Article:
Standardized tests are blunt weapons, but not an ineffective ones. The three real issues with them are 1) we have to be prepared to sacrifice every bit of learning that isn’t on the test and 2) the tests need to reflect the standards perfectly and 3) the standards have to reflect all the essential knowledge that the students need to learn.
It really is that simple. If we’re prepared to accept that the kids will mostly only learn the standards and we trust the people who write the standards to write the right ones, then testing will steadily drive the results (and therefore the learning of the standards) in the right direction.
We can see that in California. Since NCLB came into effect, the aggregate test scores have steadily improved. From 2003 to 2009, 17% more students are testing proficient or better on Math and 15% more are testing proficient or better on English Language Arts (ELA) (California Department of Education, 2010).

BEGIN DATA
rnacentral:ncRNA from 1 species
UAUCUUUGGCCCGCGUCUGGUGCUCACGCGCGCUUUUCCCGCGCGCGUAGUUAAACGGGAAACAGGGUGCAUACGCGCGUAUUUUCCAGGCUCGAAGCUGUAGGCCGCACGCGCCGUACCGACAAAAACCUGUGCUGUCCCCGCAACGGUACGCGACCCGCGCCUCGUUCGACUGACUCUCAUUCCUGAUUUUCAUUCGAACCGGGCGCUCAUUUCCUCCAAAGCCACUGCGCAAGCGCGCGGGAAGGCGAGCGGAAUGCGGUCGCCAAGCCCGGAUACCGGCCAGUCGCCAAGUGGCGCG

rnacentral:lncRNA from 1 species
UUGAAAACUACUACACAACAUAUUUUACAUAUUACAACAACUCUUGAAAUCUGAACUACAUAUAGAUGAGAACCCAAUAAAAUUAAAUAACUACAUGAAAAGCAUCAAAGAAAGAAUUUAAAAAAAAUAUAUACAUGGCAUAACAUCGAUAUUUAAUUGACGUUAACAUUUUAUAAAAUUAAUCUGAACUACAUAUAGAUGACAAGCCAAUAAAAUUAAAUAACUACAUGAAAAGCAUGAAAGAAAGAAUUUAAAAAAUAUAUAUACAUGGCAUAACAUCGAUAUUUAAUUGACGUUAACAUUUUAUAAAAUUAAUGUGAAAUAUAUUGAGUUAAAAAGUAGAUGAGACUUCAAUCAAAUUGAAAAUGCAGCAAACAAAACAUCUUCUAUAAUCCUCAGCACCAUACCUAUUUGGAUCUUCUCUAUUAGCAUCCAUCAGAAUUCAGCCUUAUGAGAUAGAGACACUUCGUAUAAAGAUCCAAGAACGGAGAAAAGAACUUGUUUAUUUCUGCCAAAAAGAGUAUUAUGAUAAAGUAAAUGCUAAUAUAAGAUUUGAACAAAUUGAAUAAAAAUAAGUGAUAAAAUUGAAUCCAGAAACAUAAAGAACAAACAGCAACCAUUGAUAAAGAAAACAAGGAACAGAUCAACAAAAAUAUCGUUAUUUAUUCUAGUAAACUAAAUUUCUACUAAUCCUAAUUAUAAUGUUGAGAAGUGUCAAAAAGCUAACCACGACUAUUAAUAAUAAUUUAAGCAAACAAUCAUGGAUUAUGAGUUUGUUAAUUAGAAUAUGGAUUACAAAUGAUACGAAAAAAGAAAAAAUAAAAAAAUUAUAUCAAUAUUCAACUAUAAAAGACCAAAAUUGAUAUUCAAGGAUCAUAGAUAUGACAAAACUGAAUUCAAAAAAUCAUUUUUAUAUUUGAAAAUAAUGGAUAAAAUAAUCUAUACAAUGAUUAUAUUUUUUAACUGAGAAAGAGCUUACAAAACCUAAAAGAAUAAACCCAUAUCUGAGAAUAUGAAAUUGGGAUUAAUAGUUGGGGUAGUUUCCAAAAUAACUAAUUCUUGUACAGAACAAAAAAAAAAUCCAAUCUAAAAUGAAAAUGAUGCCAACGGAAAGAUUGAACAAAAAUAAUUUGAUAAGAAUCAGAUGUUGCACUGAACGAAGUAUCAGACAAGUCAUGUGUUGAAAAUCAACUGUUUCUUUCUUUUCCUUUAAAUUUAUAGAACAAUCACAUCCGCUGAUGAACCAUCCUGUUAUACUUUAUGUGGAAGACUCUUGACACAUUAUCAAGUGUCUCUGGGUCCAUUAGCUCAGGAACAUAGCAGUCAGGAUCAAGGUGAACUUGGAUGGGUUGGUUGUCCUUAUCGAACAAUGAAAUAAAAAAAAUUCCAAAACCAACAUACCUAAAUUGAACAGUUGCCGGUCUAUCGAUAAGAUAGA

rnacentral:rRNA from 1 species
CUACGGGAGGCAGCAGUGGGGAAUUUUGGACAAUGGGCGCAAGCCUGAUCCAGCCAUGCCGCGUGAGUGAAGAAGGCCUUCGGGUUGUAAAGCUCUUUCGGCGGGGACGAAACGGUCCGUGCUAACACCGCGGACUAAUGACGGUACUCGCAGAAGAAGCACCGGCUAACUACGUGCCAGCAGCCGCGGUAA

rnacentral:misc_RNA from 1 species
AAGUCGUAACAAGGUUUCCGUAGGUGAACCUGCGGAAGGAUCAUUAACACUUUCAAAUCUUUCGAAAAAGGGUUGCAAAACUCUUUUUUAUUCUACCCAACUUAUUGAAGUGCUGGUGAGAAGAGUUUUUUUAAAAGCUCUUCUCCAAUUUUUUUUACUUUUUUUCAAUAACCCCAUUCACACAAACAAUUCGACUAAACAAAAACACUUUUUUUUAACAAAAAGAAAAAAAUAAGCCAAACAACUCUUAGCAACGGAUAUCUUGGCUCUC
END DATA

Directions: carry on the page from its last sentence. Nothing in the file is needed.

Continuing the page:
Of course, the aggregate numbers are still horrible: only 57% are proficient or better in math and 50% test proficient or better in ELA, up from 41% and 35% respectively in 2003. Maybe that’s a good reason to accept the blunt weapon of standardized testing, the historical alternative was apparently far less effective.